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StrictlyLogical

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  1. Warning: The following is to be taken as poetic rather than literal... Religio - re connect or re-linking back Identifying the self with the universe, or the planet... is in the direction of mythical or religious thinking... because although you are in and of these things, you are not identical with them... being unseparated from them and indeed embedded in them.. it is a natural direction in which mystical thinking points... we are star stuff... made from elements formed in supernovae... in a literal "tree of life" billions of years old... each a node on an unbroken branch of ancestry and direct physical, chemical, biological causality ... the eyes, ears and minds of the Earth, the solar system... this is religion and myth... and so perhaps such is going too far. So too perhaps, identifying the self, the "I" with the whole person, an undivided individual, is mythical thinking. Those far flung parts of our physical bodies not under voluntary control even indirectly: secreting, pumping, and processing, just as the stars whirl, the planet spins, and the continents drift. So too, identifying the "I" and "self" with the body is going too far into myth and religion. So too even with identifying "I" with the whole of the brain and its doing, in identifying with the whole of its processes... where so much occurs autonomously, in the background, subconsciously, or in the depths of sleep. So much is unbidden and out of our conscious control that we should treat them as foreign as all the rest... lest we be mythologizing ourselves... and such would be going too far. Perhaps finally then we might hold onto the "I" as only that tiny portion of all that which is the first-person view of willed conscious experience... whose range of will is a feeble and fleeting "focus or not"... perhaps a rejection of anything mythical or anything religious is to identify only with that one little spark and its feeble range of direct causative power... And yet there is room for something more akin to mythologizing the self... perhaps... for that tiny spark can be the root cause of whole civilizations, and one day, cause continents or even planets to move ... and perhaps there also is room for a re-linking to those things with which any "I" participates and is enmeshed: in a complex relationship as literally as old as time and as wide as the universe... identifying the "I" and the "self" with the Objective experience of the nigh infinite whirling whole through but one of many of its utterly unique center points about which it all goes round and round and round.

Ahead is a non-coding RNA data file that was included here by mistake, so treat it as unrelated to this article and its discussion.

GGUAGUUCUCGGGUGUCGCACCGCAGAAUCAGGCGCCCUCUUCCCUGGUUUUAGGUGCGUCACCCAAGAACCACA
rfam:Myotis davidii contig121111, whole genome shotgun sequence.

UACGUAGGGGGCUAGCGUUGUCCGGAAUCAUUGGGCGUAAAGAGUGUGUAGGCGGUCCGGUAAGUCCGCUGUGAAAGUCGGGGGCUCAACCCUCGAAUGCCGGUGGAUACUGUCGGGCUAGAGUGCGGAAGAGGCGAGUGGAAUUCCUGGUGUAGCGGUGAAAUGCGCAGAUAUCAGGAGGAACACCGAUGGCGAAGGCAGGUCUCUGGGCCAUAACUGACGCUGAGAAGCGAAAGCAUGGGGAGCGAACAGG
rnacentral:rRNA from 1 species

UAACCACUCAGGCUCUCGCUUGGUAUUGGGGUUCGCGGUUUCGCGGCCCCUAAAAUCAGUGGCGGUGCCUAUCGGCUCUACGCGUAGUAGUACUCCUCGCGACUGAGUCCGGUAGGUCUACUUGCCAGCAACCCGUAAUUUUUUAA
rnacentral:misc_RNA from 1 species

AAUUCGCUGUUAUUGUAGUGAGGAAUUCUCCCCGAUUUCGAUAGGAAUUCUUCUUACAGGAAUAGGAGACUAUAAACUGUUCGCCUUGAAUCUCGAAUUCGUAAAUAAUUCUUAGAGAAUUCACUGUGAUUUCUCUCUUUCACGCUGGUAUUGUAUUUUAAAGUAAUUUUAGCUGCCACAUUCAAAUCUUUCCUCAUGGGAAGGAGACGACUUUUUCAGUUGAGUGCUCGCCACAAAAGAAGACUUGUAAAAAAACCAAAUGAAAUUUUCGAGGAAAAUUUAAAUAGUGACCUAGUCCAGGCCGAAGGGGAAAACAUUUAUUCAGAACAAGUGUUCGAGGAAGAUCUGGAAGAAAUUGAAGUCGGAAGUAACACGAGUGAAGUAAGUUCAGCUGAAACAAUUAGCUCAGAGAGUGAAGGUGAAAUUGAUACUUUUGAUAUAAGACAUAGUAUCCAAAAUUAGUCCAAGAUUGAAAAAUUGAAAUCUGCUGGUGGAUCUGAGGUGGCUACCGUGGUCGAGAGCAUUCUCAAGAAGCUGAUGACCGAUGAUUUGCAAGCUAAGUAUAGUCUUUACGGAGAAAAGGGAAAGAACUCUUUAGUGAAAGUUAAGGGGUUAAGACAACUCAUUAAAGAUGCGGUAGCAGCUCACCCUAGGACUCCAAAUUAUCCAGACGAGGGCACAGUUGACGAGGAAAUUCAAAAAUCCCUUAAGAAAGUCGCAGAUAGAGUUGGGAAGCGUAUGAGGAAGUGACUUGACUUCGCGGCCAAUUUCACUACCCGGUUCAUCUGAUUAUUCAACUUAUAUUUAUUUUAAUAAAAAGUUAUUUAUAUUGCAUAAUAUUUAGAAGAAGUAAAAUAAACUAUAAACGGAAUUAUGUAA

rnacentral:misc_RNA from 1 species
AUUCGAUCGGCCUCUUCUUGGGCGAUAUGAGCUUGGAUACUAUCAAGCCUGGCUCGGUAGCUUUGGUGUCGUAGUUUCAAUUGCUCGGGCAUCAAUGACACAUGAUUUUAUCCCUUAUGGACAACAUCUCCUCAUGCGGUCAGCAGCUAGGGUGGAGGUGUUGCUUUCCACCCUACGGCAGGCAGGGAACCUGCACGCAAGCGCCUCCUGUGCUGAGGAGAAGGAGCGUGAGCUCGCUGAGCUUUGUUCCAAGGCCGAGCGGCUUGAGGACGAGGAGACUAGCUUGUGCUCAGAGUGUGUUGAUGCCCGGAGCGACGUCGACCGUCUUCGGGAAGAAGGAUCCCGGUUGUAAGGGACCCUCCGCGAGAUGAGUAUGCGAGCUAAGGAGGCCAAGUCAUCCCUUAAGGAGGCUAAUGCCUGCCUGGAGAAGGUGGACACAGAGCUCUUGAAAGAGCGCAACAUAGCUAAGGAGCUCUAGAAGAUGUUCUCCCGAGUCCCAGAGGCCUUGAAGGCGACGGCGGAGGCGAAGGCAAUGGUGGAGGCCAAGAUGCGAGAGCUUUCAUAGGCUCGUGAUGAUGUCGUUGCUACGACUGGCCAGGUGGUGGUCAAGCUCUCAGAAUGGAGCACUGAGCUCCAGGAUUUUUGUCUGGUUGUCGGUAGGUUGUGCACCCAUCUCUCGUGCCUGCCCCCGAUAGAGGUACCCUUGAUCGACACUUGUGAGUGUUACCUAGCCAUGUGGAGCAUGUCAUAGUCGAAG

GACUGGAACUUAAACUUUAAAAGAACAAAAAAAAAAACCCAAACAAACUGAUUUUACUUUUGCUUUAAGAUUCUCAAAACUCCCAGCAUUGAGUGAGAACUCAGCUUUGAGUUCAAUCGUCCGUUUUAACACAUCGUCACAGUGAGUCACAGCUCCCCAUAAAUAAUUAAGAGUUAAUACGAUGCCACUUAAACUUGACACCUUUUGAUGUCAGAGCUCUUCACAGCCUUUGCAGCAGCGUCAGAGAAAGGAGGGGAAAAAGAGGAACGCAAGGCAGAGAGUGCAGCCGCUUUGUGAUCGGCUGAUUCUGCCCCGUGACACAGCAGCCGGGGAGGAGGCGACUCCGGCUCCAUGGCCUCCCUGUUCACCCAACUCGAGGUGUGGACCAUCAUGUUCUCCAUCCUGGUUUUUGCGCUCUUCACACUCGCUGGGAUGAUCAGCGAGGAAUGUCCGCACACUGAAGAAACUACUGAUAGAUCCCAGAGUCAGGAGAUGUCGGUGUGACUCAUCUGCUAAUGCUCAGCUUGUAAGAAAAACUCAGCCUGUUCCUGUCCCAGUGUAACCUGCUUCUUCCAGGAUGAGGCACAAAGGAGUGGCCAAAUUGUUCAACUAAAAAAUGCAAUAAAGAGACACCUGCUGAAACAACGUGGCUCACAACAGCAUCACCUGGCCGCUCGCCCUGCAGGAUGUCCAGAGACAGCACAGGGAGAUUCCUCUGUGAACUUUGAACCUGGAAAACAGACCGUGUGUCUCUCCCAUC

2. This question rears its head once again... and perhaps its root cause lies in what we intuitively conceive knowledge as consisting of... but again there seems to be a desire by many laypersons and contemplative persons, to have "philosophy" refer to more than the study or science of enlightenment or Cartesian knowledge, but to refer something wider, including ... for lack of better wording... all "knowledges" and "awarenesses" of all things which touch upon human experience. This thing, is the thing they think "philosophy" is or should be directed at... I tend to think philosophy is narrower... and although I vacillate from time to time... are those other "knowledges" and "awarenesses" touching upon our experience, properly specialized pursuits, or is philosophy more than the science of knowledge? IS the study of the nature of man more specialized... i.e. ARE ethics, and politics, although historically "branches" of philosophy properly specialized studies based on Sophia but not as such included in the ambit of the study of Her? I vacillate yet again...
  3. Here are a couple of good resources from qualified professionals which you could discuss with your members: http://www.nathanielbranden.com/ https://drhurd.com/ https://www.drkenner.com/